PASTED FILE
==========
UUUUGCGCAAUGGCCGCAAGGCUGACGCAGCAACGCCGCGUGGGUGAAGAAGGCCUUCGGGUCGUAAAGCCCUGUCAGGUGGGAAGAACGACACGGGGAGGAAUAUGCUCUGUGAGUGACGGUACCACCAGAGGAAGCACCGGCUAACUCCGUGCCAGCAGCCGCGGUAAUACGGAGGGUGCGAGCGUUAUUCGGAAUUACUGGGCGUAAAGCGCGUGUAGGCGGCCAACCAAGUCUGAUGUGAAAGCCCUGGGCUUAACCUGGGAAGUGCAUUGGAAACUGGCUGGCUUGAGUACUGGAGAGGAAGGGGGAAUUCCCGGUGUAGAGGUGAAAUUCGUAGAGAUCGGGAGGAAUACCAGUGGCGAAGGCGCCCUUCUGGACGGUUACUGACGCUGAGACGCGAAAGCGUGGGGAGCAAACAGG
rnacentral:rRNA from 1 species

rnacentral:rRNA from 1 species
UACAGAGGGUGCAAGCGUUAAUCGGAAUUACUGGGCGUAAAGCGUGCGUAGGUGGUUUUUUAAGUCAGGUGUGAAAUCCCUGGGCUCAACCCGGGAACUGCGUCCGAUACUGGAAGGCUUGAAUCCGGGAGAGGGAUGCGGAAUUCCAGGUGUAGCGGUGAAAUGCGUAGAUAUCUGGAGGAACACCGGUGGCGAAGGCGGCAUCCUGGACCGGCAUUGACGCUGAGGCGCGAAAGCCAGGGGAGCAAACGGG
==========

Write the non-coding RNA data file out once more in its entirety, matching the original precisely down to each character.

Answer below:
UUUUGCGCAAUGGCCGCAAGGCUGACGCAGCAACGCCGCGUGGGUGAAGAAGGCCUUCGGGUCGUAAAGCCCUGUCAGGUGGGAAGAACGACACGGGGAGGAAUAUGCUCUGUGAGUGACGGUACCACCAGAGGAAGCACCGGCUAACUCCGUGCCAGCAGCCGCGGUAAUACGGAGGGUGCGAGCGUUAUUCGGAAUUACUGGGCGUAAAGCGCGUGUAGGCGGCCAACCAAGUCUGAUGUGAAAGCCCUGGGCUUAACCUGGGAAGUGCAUUGGAAACUGGCUGGCUUGAGUACUGGAGAGGAAGGGGGAAUUCCCGGUGUAGAGGUGAAAUUCGUAGAGAUCGGGAGGAAUACCAGUGGCGAAGGCGCCCUUCUGGACGGUUACUGACGCUGAGACGCGAAAGCGUGGGGAGCAAACAGG
rnacentral:rRNA from 1 species

rnacentral:rRNA from 1 species
UACAGAGGGUGCAAGCGUUAAUCGGAAUUACUGGGCGUAAAGCGUGCGUAGGUGGUUUUUUAAGUCAGGUGUGAAAUCCCUGGGCUCAACCCGGGAACUGCGUCCGAUACUGGAAGGCUUGAAUCCGGGAGAGGGAUGCGGAAUUCCAGGUGUAGCGGUGAAAUGCGUAGAUAUCUGGAGGAACACCGGUGGCGAAGGCGGCAUCCUGGACCGGCAUUGACGCUGAGGCGCGAAAGCCAGGGGAGCAAACGGG